Everton's 'family' feud over lack of funding in transfers and Goodison Park

Chairman Bill Kenwright may love the club but he faces a growing protest movement over his inability to replace or rebuild Goodison or invest in the team. Simon Hart reports

Simon Hart
Tuesday 25 August 2015 10:47
Everton fans protest against chairman Bill Kenwright at Goodison Park during the 2011-12 season
Everton fans protest against chairman Bill Kenwright at Goodison Park during the 2011-12 season

There was a time not so long ago when the visit of Manchester City to Goodison Park would find the old ground united in defiance. A mixture of simmering resentment over the Joleon Lescott transfer saga and the fact City’s Arab billions had reinforced the glass ceiling above the heads of David Moyes’ side ensured a fired-up Everton inflicted four straight home wins over City up until the Scot’s departure. When Manuel Pellegrini’s men turn up at Goodison on Sunday, they may find a more divided mood. A plane will circle above the stadium, just as when Everton visited St Mary’s last week, trailing a banner calling on chairman Bill Kenwright and his board to step aside. Many inside Goodison will disagree with the stunt, but others will understand the sentiment.

For football followers beyond Merseyside, criticism of Kenwright may be hard to fathom. In the era of Roman Abramovich and Mike Ashley, he is a chairman of the old school, the boyhood fan with an emotional connection with his club, the self-styled “People’s Club”, with its award-winning community programmes and a team who finished fifth in the Premier League 15 months ago. In a Premier League fan survey a few years ago, more fans of Everton than any other side ascribed their support to parental influence; Kenwright ticks that same box, but right now, there is a fissure in the family.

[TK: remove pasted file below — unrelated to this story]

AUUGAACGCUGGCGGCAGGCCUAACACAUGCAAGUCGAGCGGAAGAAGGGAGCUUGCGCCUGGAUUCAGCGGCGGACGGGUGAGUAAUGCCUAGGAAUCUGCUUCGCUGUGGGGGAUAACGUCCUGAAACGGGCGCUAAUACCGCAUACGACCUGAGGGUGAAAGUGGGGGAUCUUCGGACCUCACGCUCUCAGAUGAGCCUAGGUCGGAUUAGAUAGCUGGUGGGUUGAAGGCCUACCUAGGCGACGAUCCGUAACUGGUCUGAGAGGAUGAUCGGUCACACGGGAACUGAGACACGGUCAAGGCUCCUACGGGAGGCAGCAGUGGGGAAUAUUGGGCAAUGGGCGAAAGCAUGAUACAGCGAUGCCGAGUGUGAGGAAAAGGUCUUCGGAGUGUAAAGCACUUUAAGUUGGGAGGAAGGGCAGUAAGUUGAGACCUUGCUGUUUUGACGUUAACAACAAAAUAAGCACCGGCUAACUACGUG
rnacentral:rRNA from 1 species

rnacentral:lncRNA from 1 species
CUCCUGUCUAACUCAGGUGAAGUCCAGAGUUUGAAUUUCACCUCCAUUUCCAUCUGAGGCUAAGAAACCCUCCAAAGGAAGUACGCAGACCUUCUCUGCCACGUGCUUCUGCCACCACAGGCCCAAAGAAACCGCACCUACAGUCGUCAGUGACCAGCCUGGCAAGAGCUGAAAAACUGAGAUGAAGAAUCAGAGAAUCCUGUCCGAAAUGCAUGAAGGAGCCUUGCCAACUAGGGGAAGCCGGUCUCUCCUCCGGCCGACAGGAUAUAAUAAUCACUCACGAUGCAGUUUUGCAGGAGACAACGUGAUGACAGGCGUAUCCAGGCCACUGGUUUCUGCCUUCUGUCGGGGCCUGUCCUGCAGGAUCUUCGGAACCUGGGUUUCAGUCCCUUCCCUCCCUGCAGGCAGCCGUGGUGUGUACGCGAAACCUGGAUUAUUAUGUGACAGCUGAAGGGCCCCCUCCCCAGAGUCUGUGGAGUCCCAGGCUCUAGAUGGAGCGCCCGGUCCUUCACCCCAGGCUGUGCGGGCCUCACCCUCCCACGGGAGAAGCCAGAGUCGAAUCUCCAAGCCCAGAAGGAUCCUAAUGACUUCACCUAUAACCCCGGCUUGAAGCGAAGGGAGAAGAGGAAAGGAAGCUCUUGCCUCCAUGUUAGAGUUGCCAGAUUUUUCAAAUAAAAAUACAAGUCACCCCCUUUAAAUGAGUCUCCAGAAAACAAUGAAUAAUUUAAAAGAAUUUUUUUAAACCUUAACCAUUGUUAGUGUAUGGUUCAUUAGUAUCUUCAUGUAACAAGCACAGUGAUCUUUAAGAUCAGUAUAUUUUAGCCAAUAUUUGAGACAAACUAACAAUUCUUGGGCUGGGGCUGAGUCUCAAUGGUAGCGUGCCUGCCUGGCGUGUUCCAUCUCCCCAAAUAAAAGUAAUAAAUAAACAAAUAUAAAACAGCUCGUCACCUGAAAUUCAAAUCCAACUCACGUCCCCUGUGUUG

Before Everton’s opening game against Watford, a group of 100 or so disgruntled fans met at the Taxi Club in Walton, an unprepossessing place close to the tight, terraced streets around Goodison Park. These are the people behind the protests, and at the back of the room was a banner reading: “Kenwright and Co, it’s time to go – 20 years is plenty.” Yet their disaffection is about more than two decades without silverware. While the half-time boos at Goodison that afternoon had their root in two factors – frustration at the team’s slow football and anxiety over a summer where Everton have, to this point, been the Premier League’s lowest spenders – Sunday’s protest reflects wider concerns.

Before Kenwright became Everton chairman in 1999, he described the club as “the Arsenal of the North”. When Everton last won a trophy in 1995, they were just one league title and one FA Cup behind Arsenal. Today the Gunners inhabit the 60,000-capacity Emirates Stadium. Goodison – a 1966 World Cup semi-final venue and the first in the country to have four double-decker stands – remains untouched since 1994.

Everton owner Bill Kenwright

Joe Beardwood, a former football sponsorship executive who has had direct involvement with Kenwright in the past, recalls how the theatre impresario has “begged and borrowed” since buying the club and, as a consequence, “has not invested in the ground because every single penny has gone into the team”. Beardwood adds: “I told him in 2005, ‘You’re going to go bankrupt – you’re at the roulette table every year just spending every penny we’ve got on wages’. He was right and I was wrong because he had Moyes there and it worked. He consistently finished fifth, sixth, seventh, when the wage bill was ninth or 10th. This high-risk strategy has actually worked for the club but this industry is changing and more money is coming into the game.”